Conway House

The Main Character

A planning permission to replace existing dwelling. Making the decision to self-build “Conway” was an uncompromising determination to transform a simple dormer bungalow into a place our client would love coming home to; a design that would be a contemporary interpretation of the surrounding houses in the characterful street and one that would make a positive contribution to the street scene; and finally, a home that would be highly insulated and energy-efficient.

The Setting

Our client has purchased a chalet bungalow and wanted to create something a bit different that had a contemporary frontage and was very energy efficient. Initially, permission was gained to convert and extend the existing building but this had large cost implications, due to upgrading and altering an existing structure especially when compared to (planning permission to replace existing dwelling) knocking down the original building and replacing it with a modern building.

Our client wanted to be hands-on, after gaining planning permission to replace the existing dwelling they wanted to undertake the majority of the construction themselves, whilst dipping into the expertise of contractors they had worked with over the years.

They were thrilled to find an architect practice who genuinely understood how much the project meant to them and who was as uncompromising as they were when designing the dream home they were looking to build.

The Challenge

Planning Permission to Replace Existing Dwelling

The key aims of the brief were to create living areas to the rear to enjoy that enjoy garden views, whilst creating a two-sided patio, which could be used to create a useable outside space that joined both parts of the house to the rear, an open kitchen, living, dining area, and second living area. The brief was to create a space that had a lot of light, a great entranceway, and an upstairs terrace.

Whilst the orientation was fixed due to the nature of the street, the existing building area was narrowed to allow access to both sides and further development space to the rear in what is an ample garden.

We worked closely with our client to build a strong relationship with the LABC to ensure that the building would comply with regulations without affecting the architecture of our future home.  Additionally, a LABC  surveyor was involved as part of the design team rather than as an external third party, which was particularly helpful when the issue of their timber-framed construction needed to be resolved.

Timber frame construction a modern method of construction (MMC), was chosen because of its cost to space benefit, in that more insulation can be fitted into the same construction giving a higher energy rating of A, whilst maintaining more internal space, compared to more traditional construction methods. Though at the time there were fewer mortgage companies that would consider lending on this type of construction. Other elements of the build were the inclusion of solar panels and triple glazing which helped to achieve the client’s brief of achieving a truly energy-efficient home.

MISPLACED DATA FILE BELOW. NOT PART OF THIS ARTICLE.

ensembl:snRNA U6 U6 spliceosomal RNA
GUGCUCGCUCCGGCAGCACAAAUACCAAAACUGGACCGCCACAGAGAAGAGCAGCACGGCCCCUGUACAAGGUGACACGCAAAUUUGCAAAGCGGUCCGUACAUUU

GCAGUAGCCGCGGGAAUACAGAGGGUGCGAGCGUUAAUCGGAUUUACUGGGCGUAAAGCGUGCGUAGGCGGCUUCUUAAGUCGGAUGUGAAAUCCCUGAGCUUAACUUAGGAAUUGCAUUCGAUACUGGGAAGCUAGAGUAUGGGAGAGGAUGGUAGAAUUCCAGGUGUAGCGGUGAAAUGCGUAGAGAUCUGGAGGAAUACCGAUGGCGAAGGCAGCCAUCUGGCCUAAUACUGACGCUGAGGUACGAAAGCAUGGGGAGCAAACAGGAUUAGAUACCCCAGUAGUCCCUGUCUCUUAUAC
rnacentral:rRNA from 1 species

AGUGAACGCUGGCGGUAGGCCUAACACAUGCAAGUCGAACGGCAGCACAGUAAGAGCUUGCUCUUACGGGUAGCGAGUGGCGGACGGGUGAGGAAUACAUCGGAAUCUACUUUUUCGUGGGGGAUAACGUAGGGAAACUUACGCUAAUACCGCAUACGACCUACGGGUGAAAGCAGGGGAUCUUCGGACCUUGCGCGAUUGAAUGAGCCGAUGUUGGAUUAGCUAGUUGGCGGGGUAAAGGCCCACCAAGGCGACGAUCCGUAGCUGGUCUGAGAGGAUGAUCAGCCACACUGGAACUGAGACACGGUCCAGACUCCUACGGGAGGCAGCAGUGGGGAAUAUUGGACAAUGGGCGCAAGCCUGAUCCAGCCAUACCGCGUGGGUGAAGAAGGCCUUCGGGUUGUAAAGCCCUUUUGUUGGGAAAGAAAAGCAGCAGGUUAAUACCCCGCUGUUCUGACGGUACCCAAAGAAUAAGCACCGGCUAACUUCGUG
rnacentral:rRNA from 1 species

The Return

With our client overseeing the complete build brought with it endless positives, they were able to source products and work with subcontractors from trades they had worked with in the past. They sold elements of the original house and recycled timber, enabling waste kept to a minimum. They frequently combined waste and recycling trips with visit to the builder’s merchant to minimise vehicle movements.  Additionally, their relationships with directly-appointed subcontractors meant they were able to monitor their work closely to ensure the project was completed to the high levels of design and those required by the Code for Sustainable Homes.

Timber-framed construction methods helped speed up construction on site and ValUTherm-insulated panels and Triple glazed Unilux windows were installed, increasing the thermal efficiency of the building.  Underfloor heating was used across both floors to make use of the heat provided by the solar panels. They installed the plant in the garage and looped the underfloor heating pipes for the house across the garage floor to make use of the residual heat, and insulated the garage door to retain it.

The Final Twist

Our client’s decision to go for planning permission to replace existing dwelling and to run the project themselves gave them a high level of input into the finer details of the build, and the flexibility of the construction method allowed them to adapt the internal layouts, once the spaces had been created and were able to resize rooms to better suit their needs.  Achieving their EPC rating of A is something they were very proud of especially as it was one of the last projects constructed under the now defunct Code for Sustainable Homes.

Conway is a great space to live in.  It is warm in winter and cool in summer.  They have now changed their energy supplier and will be paying  £50pcm for gas and electricity.  In addition, they are also generating electricity and sending back to the grid, so are getting an income from the house too.


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